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When Beverly O’Mara and Mark Uriu converted their loft in Jersey City, NJ, into a live workspace in 2015, they envisioned an open, airy apartment where Mrs. O’Mara could have an art studio and Mr. Uriu could work from home on an occasion.

They added logical elements at the time, installing shoji screens that provide privacy and light, but no acoustic barrier. And for a while, it worked beautifully.

Then Covid changed everything. Suddenly the couple found themselves working from home full time, trying to come up with temporary solutions for a space that had already undergone a $250,000 renovation.

For millions of Americans, the pandemic heralded an era of remodeling, as they used time at home to redesign kitchens, bathrooms, and living spaces to accommodate a more local lifestyle. (Annual spending on home remodeling grew more than 9% from the third quarter of 2019 to the third quarter of 2021, to $357 billion annually, according to the Harvard Joint Center for Housing Studies.) But what if you renovated before the pandemic – and spent a lot of money on it – and now you have to bring it back to reflect a new reality?

Like so many others, Ms O’Mara, 66, and Mr. Orio, 65, found themselves running headlong into the design boundaries of their imagined post-pandemic lifestyle and wondering what modifications, if any, would make their home more functional.

“We’ve seen these interesting new demands being placed on our spaces, and it’s definitely a byproduct of the changing lifestyle,” said Jeff Jordan, an architect in Rutherford, NJ, who designed the couple’s renovation and is seeing a shift in the way homeowners think about the renovation.

For those considering a redesign now, Ms. O’Mara and Mr. Oreo’s project offer some useful lessons.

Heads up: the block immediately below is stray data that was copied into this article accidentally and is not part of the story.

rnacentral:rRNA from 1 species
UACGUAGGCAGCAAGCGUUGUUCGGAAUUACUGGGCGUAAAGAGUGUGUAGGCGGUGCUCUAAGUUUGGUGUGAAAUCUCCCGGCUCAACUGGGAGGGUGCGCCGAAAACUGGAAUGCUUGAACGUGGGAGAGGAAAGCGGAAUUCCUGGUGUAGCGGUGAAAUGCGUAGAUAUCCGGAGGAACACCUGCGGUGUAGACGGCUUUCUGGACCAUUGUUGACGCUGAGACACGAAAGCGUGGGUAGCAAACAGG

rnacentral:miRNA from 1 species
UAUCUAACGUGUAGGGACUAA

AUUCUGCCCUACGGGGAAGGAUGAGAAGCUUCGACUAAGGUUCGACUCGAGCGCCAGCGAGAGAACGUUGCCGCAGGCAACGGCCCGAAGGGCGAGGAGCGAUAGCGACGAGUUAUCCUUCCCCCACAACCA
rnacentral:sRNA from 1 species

The creative cost-saving strategies they adopted early on, such as choosing affordable building materials, are more valuable now, as material and labor costs are high. Allocating more space for family life proved a wise decision during the first year of the pandemic, when the grandchildren visited frequently, using the open living space as a playroom, and a break from their small, cramped Brooklyn apartment.

Other decisions also did not hold, notably to place Mr. Oreo’s desk directly above Mrs. O’Mara’s studio, without a wall to serve as a sound barrier. Desperately in need of more space and quiet, he converted the 4-by-7-foot dresser in the guest room into his office. To enter, he has to bend under the beam.

Two years into the pandemic, he finds himself working in a 7-step Ms. O’Mara-like space in the 1999 movie “Being John Malkovich”. When seated, Mr. Oreo could look outside under the beam and see across the apartment and from the windows to the street below. He said, “When you’re sitting, you don’t feel like you’re in a closet.”

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